EDITOR'S NOTE: This story was written in response to reader-submitted questions through Open Source, a platform where readers can ask Richland Source’s newsroom to investigate a question.
MANSFIELD -- John Leach has fond memories of lighted arches along the Main Street corridor through downtown Mansfield many years ago.
Leach remembers often walking through the downtown as a lad in the 1950s, visiting the many stores, shops, restaurants and more, with and without his parents.
As the city ponders a major Main Street improvement plan, Leach reached out to Richland Source via the Open Source section of the website. He posed this question:
"As part of the re-scaping of the Main Street corridor, why not recreate the one-time lighted arches that began at Fifth Street and continued south up to the former Reeds building?"
It was a popular question, winning a "voting round" among Richland Source readers as the query they most wanted to see answered. Voting, which ran from May 11 to May 26, attracted 622 "ballots" cast.
The question of downtown's decorative arches won with 239 votes, or 38 percent of the total.
Two other questions included in the voting round were wondering about a large iron wheel in a landscaped setting (218 votes) and asking why some cities have dedicated recycling centers but others don't (167 votes). These questions may be included in future voting rounds.
"The once-lighted archways began around Fifth Street and continued up to around First Street," Leach said in a follow-up email. "Besides lighting the way, they were ornamentally attractive and provided a nice touch to the ambience of the area."
Leach said the city of Columbus in its "short north" area included lighted arches.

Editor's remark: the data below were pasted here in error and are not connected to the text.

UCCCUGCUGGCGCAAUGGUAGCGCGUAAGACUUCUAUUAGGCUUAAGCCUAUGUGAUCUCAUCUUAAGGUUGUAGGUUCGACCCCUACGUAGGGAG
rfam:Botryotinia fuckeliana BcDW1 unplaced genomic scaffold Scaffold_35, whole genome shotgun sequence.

"My interest in using a similar approach in Mansfield resulted after viewing the visual prints submitted by the planning agency hired by the city to beautify the area that showed the use of a standard, modern black metal half-arch commonly used to hang traffic lights and street signs," Leach said.
Leach said the drawings showed a "continuing string of zig-zag 'party lights' hung up all along the area from Fifth Street to Fourth Street.'"
"To my eye, that wilted the look of the other great design strategies that the various drawings implied," Leach said.
We reached out to Mansfield city engineer Bob Bianchi this week. The official answer regarding at least some lighted arches is -- maybe.
Bianchi said the planning process for the project, at this point, includes two decorative arches at the intersection of Main Street and South Park and Main Street and North Park.
"We are exploring the possibility of lighting those two arches," Bianchi said.
"There used to be lighted arches about every 100 feet up through the Main Street corridor, all the way to Fifth Street, I believe," the engineer said.
"However, due to the expenses of the arches, it would not be feasible to construct that many along the corridor at this point," Bianchi said.
Mansfield City Council in January approved a two-year design and engineering effort, which may ultimately lead to a $7.5 million project to improve the road from First Street to Fifth Street.